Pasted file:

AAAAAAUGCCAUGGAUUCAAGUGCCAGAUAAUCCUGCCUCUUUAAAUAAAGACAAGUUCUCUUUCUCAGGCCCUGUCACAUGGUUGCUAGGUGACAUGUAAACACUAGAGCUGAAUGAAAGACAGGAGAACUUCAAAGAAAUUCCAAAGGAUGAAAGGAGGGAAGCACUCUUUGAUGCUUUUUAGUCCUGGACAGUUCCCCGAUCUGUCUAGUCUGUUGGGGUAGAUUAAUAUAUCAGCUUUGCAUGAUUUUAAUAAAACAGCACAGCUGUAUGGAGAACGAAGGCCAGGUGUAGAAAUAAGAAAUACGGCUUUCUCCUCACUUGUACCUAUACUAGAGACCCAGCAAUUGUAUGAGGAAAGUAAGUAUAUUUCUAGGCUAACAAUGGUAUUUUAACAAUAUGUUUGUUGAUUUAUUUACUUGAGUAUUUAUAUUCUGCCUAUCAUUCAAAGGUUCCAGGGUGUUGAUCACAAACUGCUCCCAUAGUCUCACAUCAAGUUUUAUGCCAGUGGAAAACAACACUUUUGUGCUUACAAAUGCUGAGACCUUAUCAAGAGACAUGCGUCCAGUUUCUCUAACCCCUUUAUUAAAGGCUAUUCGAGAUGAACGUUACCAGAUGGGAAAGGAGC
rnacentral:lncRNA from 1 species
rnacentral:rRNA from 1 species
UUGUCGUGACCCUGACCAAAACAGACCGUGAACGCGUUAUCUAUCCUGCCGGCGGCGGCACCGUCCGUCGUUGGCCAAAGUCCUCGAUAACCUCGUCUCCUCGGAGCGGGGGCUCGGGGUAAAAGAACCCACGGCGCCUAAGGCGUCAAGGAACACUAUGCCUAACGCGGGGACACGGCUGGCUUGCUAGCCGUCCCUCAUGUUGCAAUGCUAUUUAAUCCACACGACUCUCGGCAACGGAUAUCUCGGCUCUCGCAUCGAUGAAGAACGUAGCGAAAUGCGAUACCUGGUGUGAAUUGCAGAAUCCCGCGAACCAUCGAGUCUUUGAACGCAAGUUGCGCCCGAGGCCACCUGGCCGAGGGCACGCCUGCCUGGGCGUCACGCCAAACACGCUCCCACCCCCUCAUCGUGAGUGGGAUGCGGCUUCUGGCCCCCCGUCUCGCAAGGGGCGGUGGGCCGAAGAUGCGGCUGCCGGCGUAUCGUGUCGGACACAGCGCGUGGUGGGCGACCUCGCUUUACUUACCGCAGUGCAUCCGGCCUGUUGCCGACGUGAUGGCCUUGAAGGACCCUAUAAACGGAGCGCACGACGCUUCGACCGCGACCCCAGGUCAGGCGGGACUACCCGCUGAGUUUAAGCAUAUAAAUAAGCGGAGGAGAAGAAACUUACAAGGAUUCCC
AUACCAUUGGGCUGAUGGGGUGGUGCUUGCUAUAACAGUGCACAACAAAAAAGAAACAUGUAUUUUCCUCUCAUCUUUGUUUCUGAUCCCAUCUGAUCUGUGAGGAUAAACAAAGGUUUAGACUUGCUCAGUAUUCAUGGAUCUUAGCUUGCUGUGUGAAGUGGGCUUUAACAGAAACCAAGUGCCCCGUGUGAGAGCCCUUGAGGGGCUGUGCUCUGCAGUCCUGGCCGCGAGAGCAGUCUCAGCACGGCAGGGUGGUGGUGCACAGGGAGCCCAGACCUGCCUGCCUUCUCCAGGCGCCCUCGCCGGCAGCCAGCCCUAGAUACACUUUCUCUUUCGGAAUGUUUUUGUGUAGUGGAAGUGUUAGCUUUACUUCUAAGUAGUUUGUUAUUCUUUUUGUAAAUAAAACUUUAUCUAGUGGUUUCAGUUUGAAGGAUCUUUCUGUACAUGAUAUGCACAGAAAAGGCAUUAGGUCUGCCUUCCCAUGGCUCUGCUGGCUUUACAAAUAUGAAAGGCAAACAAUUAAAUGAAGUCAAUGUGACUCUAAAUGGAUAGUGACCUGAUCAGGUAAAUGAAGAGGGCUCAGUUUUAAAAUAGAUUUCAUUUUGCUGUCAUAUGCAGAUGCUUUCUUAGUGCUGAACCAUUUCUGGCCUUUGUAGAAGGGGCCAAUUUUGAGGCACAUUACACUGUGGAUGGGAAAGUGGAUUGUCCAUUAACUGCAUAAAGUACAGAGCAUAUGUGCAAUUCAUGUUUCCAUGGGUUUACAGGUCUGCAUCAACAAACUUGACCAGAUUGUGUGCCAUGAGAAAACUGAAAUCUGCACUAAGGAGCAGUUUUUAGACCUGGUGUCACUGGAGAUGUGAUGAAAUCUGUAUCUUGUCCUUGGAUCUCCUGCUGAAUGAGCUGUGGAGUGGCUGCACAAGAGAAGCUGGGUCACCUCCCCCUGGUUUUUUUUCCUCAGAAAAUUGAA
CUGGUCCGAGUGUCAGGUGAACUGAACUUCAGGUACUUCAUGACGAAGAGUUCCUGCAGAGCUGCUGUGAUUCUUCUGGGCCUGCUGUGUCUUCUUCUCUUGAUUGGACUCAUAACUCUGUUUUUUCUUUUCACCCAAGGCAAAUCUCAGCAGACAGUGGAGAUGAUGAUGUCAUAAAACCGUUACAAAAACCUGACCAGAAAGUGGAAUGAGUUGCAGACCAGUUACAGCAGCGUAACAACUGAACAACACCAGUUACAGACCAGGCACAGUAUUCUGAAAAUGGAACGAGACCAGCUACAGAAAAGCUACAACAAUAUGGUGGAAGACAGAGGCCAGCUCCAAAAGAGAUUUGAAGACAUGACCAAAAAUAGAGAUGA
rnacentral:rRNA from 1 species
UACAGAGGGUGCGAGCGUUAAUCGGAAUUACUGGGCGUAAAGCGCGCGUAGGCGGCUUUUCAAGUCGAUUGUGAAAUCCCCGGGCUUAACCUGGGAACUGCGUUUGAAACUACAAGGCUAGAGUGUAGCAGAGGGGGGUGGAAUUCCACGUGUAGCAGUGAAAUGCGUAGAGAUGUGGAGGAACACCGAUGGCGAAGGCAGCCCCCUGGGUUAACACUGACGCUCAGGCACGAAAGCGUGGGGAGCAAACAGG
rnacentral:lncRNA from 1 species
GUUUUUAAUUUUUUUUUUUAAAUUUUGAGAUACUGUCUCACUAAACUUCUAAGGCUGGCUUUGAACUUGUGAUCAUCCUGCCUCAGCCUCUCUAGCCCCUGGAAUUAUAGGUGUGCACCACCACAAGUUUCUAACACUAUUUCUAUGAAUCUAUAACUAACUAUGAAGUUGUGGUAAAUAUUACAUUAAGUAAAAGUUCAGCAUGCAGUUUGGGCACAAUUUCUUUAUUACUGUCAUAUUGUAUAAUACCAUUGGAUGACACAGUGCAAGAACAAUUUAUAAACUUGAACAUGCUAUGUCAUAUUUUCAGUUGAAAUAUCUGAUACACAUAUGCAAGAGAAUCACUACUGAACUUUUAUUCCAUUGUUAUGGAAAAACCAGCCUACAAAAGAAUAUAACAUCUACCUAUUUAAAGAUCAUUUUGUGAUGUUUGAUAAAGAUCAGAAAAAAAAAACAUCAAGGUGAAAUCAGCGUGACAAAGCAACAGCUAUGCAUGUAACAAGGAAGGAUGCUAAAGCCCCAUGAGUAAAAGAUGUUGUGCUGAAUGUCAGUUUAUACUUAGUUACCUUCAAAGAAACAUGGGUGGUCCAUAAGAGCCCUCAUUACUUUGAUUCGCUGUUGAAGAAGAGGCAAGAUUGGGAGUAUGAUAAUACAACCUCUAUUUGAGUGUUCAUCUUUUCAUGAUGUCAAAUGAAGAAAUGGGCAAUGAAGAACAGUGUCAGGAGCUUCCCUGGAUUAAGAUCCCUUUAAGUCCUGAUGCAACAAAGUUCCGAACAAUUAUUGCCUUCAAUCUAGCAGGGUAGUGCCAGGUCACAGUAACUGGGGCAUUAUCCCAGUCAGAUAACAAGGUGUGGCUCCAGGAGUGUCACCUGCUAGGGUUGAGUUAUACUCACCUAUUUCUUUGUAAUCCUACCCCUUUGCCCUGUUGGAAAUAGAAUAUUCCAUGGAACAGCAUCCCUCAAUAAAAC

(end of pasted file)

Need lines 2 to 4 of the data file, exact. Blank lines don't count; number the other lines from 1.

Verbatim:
rnacentral:lncRNA from 1 species
rnacentral:rRNA from 1 species
UUGUCGUGACCCUGACCAAAACAGACCGUGAACGCGUUAUCUAUCCUGCCGGCGGCGGCACCGUCCGUCGUUGGCCAAAGUCCUCGAUAACCUCGUCUCCUCGGAGCGGGGGCUCGGGGUAAAAGAACCCACGGCGCCUAAGGCGUCAAGGAACACUAUGCCUAACGCGGGGACACGGCUGGCUUGCUAGCCGUCCCUCAUGUUGCAAUGCUAUUUAAUCCACACGACUCUCGGCAACGGAUAUCUCGGCUCUCGCAUCGAUGAAGAACGUAGCGAAAUGCGAUACCUGGUGUGAAUUGCAGAAUCCCGCGAACCAUCGAGUCUUUGAACGCAAGUUGCGCCCGAGGCCACCUGGCCGAGGGCACGCCUGCCUGGGCGUCACGCCAAACACGCUCCCACCCCCUCAUCGUGAGUGGGAUGCGGCUUCUGGCCCCCCGUCUCGCAAGGGGCGGUGGGCCGAAGAUGCGGCUGCCGGCGUAUCGUGUCGGACACAGCGCGUGGUGGGCGACCUCGCUUUACUUACCGCAGUGCAUCCGGCCUGUUGCCGACGUGAUGGCCUUGAAGGACCCUAUAAACGGAGCGCACGACGCUUCGACCGCGACCCCAGGUCAGGCGGGACUACCCGCUGAGUUUAAGCAUAUAAAUAAGCGGAGGAGAAGAAACUUACAAGGAUUCCC